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Unformatted text preview: 6.851: Advanced Data Structures Spring 2010 Lecture 5 — Feb 18 th , 2010 Prof. Erik Demaine and Dr. Andr´ e Schulz 1 Overview In the last lecture we started out by brieﬂy discussing range trees (a topic we started two lectures ago). In particular, we showed how to support dynamic insertions and deletions in range trees eﬃciently. After this, we discussed the vertical line stabbing problem — given a collection of intervals, support queries of the form “How many intervals intersect the line x = x ?”. We showed that both interval trees and segment trees could solve this problem eﬃciently. Segment trees are a bit more memory-eﬃcient, but interval trees are more ﬂexible for other applications. We used these data structures to solve the windowing problem — given a collection of line segments, report how many lie in a given axis-aligned rectangle. In solving the windowing problem, we had to introduce an additional data structure called a priority search tree . In this lecture we study kinetic data structures. These are data structures that contain information about objects in motion. They support the following three types of queries: (i) modify the motion path of an object; (ii) move forward to a specified point in time; (iii) return information about the state of the objects in the current time. We will go over kinetic sorting and kinetic heaps, and then state several results about kinetic data structures without proof. After covering kinetic data structures, we will discuss the ray shooting problem — given a simple (possibly non-convex) polygon, support queries asking for the first point of intersection of a ray with the polygon. We will show how to support O (log 2 ( n )) queries and outline an approach for achieving a query time of O (log( n )). 2 Kinetic Data Structures 2.1 Introduction A kinetic data structure is a data structure that stores moving data — that is, data that changes in some predictable way over time. Examples would be the locations of physical objects over time. We could also look at, for example, trajectories of objects in R 2 and think of the x-coordinate as “time.” Kinetic data structures are useful, for example, in computer graphics and video games, to determine the next point in time at which two objects intersect. Data. Each data point has a value that is a known function of time. For example, we could have aﬃne data ( x ( t ) = a + bt ). We could also have bounded-degree algebraic motion, or, more generally, pseudo-algebraic motion. Pseudo-algebraic means that all certificates of interest ﬂip between true or false O (1) times as the objects move. It turns out that pseudo-algebraic will be the condition that we generally need in order for our kinetic data structures to run eﬃciently....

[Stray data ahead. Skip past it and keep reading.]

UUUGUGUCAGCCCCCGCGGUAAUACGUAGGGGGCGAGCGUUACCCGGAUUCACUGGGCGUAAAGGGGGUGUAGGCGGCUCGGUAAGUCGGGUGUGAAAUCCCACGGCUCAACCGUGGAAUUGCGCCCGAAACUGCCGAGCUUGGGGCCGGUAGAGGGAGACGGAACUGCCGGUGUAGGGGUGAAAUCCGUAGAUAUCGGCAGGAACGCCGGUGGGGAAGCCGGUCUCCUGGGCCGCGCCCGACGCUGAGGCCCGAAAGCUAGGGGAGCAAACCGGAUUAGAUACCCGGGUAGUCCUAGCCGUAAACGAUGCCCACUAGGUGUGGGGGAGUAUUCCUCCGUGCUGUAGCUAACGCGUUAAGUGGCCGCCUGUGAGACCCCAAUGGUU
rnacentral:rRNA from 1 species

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- Spring '10
- Data Structures, Array data structure